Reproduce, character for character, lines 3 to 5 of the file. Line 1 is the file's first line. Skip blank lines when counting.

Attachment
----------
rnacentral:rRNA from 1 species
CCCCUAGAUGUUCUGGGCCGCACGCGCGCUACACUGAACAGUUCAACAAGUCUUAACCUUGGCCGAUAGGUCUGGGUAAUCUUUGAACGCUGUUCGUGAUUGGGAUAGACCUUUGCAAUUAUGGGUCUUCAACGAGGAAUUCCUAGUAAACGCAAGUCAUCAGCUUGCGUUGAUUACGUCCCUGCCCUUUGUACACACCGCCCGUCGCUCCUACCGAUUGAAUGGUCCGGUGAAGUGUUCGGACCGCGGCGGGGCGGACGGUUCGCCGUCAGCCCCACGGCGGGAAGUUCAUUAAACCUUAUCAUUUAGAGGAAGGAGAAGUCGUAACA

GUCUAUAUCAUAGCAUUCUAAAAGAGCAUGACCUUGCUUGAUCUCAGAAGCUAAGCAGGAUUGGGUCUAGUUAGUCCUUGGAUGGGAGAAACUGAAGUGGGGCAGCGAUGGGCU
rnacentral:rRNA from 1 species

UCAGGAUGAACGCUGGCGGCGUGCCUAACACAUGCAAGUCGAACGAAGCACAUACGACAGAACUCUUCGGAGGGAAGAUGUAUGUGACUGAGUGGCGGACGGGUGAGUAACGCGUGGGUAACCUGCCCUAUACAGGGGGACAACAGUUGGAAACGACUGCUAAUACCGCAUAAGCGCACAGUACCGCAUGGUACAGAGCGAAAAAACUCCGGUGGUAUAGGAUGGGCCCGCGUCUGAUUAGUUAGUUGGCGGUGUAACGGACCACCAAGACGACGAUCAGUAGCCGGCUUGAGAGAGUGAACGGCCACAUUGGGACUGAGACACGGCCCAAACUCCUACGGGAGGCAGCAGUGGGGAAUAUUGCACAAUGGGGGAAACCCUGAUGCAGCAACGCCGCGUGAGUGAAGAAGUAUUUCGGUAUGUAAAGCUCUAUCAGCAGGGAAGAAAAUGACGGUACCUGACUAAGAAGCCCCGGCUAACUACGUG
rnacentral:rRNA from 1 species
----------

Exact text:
GUCUAUAUCAUAGCAUUCUAAAAGAGCAUGACCUUGCUUGAUCUCAGAAGCUAAGCAGGAUUGGGUCUAGUUAGUCCUUGGAUGGGAGAAACUGAAGUGGGGCAGCGAUGGGCU
rnacentral:rRNA from 1 species

UCAGGAUGAACGCUGGCGGCGUGCCUAACACAUGCAAGUCGAACGAAGCACAUACGACAGAACUCUUCGGAGGGAAGAUGUAUGUGACUGAGUGGCGGACGGGUGAGUAACGCGUGGGUAACCUGCCCUAUACAGGGGGACAACAGUUGGAAACGACUGCUAAUACCGCAUAAGCGCACAGUACCGCAUGGUACAGAGCGAAAAAACUCCGGUGGUAUAGGAUGGGCCCGCGUCUGAUUAGUUAGUUGGCGGUGUAACGGACCACCAAGACGACGAUCAGUAGCCGGCUUGAGAGAGUGAACGGCCACAUUGGGACUGAGACACGGCCCAAACUCCUACGGGAGGCAGCAGUGGGGAAUAUUGCACAAUGGGGGAAACCCUGAUGCAGCAACGCCGCGUGAGUGAAGAAGUAUUUCGGUAUGUAAAGCUCUAUCAGCAGGGAAGAAAAUGACGGUACCUGACUAAGAAGCCCCGGCUAACUACGUG